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Housing and Residence Life

Housing and Residence Life

Roomate Relations

How to Get Along with Your Roommate

Roommate Relationships

When you arrive at FGCU, you will find yourself living with a roommate who may be different from you. Even if you've shared a room with a sibling, living with a roommate is still a new and unique experience. Chances are that your roommates will have a similar desire to do well in college but dissimilar backgrounds, histories and families. This diversity is what makes living in FGCU’s residential community a true living learning experience.

It is important to remember that living together in one room, suite or apartment, especially if you have never had a roommate before, requires work! The type of relationship you develop with your roommates depends in part on your expectations of the relationships, as well as on how effectively you communicate those expectations to your roommates from the very beginning. Communication is key in building good roommate relationships. By following a few simple guidelines, you and your roommates can create a mutually beneficial environment and relationship.

Take Time to Adjust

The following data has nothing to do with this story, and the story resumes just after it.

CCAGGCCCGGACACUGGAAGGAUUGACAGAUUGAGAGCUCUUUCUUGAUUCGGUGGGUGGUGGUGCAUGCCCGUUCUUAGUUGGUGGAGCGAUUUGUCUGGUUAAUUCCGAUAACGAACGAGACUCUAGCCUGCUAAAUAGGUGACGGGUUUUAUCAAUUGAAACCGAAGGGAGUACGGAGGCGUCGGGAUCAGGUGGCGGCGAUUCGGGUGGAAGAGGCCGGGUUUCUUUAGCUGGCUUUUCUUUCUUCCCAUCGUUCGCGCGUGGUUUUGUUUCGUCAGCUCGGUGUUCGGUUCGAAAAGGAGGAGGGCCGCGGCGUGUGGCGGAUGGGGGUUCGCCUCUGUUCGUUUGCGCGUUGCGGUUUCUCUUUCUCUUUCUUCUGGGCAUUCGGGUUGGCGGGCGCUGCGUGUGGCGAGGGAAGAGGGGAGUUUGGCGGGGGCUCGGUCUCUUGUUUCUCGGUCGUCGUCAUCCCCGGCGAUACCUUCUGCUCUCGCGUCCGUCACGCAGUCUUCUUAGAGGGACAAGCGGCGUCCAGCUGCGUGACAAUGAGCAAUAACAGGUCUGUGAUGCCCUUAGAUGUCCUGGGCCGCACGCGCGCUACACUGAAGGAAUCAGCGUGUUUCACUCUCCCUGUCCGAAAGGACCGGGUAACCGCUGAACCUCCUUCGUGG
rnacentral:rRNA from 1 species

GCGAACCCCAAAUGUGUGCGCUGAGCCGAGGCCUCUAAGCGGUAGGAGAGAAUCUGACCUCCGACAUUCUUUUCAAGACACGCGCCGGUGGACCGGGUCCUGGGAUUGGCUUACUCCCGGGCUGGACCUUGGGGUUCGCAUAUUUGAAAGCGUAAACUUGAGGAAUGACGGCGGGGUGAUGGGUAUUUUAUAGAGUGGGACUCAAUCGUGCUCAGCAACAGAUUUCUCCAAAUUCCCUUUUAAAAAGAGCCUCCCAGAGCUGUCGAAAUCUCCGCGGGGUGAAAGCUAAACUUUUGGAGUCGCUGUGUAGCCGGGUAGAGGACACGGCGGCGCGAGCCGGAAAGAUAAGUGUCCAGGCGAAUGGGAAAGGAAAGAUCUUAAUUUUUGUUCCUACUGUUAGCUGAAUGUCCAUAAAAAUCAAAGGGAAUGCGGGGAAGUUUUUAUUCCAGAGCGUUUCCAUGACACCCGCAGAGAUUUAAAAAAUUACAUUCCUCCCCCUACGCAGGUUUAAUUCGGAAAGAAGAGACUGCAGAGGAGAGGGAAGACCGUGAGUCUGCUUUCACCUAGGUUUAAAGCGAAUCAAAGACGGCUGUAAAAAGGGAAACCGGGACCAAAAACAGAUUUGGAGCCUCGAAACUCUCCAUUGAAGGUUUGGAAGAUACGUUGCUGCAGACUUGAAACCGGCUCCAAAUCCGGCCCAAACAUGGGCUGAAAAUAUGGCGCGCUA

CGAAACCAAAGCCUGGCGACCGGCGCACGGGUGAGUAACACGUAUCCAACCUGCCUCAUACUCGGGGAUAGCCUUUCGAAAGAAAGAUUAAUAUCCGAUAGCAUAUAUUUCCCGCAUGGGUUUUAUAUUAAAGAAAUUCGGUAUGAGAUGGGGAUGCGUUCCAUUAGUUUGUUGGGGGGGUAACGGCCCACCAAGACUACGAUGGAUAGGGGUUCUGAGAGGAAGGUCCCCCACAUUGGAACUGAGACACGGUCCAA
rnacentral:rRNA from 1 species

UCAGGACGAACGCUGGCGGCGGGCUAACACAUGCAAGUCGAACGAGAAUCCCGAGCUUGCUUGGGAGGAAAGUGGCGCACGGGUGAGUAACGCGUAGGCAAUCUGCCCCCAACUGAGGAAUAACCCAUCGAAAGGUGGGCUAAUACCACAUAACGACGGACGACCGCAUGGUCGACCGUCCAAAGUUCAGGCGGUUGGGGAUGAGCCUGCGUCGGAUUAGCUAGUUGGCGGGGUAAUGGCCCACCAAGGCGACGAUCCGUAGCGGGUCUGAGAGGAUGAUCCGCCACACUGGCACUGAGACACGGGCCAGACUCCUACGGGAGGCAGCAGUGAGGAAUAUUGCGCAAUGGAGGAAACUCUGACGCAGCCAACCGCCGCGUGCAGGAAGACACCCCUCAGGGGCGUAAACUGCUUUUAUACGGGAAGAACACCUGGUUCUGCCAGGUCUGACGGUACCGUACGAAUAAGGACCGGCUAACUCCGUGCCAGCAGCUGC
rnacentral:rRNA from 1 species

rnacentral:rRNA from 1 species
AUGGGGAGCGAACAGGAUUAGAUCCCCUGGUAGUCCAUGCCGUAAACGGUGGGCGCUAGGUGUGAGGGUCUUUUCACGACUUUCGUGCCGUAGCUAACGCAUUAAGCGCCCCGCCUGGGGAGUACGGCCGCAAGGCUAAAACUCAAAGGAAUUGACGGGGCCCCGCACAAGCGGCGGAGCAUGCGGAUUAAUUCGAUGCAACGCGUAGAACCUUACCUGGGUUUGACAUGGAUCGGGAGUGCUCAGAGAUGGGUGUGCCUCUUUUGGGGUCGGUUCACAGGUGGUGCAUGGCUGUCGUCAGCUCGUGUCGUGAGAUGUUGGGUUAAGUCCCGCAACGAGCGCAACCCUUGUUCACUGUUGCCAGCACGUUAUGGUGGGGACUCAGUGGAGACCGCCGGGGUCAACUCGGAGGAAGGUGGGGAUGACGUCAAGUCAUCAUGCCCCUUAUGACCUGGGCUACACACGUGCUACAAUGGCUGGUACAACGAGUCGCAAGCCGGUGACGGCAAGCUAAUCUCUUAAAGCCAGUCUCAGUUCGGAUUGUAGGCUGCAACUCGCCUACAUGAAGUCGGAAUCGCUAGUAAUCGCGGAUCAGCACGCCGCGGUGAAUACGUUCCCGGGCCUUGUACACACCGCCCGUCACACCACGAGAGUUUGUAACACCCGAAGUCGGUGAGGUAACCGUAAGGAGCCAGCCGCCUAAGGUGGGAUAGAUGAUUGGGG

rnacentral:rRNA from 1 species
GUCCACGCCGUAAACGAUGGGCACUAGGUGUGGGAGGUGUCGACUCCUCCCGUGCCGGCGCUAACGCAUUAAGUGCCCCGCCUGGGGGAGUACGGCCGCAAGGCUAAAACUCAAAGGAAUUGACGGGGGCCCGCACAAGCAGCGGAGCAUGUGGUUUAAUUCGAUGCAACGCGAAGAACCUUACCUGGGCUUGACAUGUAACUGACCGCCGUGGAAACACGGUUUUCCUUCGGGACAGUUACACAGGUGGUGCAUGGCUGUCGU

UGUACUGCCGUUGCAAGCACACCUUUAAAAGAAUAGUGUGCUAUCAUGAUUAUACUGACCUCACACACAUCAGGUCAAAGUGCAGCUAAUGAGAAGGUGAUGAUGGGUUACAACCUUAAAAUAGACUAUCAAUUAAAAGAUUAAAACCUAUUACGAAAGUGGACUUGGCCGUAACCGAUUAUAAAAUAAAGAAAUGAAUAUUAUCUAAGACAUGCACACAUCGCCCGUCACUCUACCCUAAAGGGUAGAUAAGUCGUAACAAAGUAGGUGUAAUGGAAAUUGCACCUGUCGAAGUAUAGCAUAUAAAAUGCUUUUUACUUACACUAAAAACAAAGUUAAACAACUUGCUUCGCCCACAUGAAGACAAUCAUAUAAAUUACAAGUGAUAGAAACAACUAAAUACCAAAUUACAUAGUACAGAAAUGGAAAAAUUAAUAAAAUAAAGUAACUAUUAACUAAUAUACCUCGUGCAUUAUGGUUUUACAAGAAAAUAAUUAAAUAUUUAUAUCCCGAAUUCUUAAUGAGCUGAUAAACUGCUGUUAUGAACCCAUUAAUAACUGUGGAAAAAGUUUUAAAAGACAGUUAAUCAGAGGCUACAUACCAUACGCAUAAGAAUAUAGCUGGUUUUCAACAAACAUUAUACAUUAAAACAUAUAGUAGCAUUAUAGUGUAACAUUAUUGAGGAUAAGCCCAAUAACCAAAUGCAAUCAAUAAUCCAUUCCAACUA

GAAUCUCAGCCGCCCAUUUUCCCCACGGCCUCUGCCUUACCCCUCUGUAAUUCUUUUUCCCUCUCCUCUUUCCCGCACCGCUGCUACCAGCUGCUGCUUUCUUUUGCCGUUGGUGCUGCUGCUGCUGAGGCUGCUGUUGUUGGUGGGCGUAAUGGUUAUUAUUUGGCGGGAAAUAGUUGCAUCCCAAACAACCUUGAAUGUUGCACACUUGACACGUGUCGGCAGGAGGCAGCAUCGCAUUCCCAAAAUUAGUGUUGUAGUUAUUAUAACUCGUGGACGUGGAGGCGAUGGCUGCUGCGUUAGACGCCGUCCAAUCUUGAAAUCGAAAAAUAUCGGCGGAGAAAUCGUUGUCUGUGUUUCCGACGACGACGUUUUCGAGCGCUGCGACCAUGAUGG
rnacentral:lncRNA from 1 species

Give your roommates a chance. Don't rely on first impressions. Talk about your hometowns, interests, families, and your impressions of FGCU and Ft. Myers.

Lay Down the Ground Rules

Discuss how you will keep your apartment/suite livable for all of you. Decide on whether “what’s mine is yours” will apply in your apartment/suite. Determine what is to be shared and what is personal and off-limits to your roommates. And always ask before borrowing anything.

What is Clean?

You and your roommates share the responsibility of maintaining the cleanliness of your apartment/suite. Cleanliness of a room means different things to different people. Discuss the cleanliness standards for the apartment/suite. Include by whom, when, and how often. Address cleaning issues, such as, taking the trash to the dumpster, dirty dishes, cleaning the bathroom. How will you divide these responsibilities? Will you take turns?

Studying or Socializing?

Whether your apartment/suite is a study hall or a place to socialize can become a major point of conflict. Most people like the apartment/suite to be a balance of the two. Do you have compatible study habits? Do you like studying alone or with classmates? Discuss this important topic early in your relationship, and remember, studying should be the priority in most cases.

Talk it Over

When you and your roommate(s) have a conflict, talk about it when it occurs. If you have a complaint, tell your roommate(s), don't whine to your neighbors. Your roommate(s) may not even know you're upset and will be glad to compromise if informed respectfully. 


Room Transfers

Everyone must stay in his/her assigned room for the first two weeks of each semester. Students may request room changes beginning around the second week of each semester.

You must first speak with your RA or Resident Director  (RD) before requesting a room transfer. It is the responsibility of the student who initiates the room change to inform his/her roommate that she/he would like to move. No room changes will be approved until this occurs.


Roommate Communication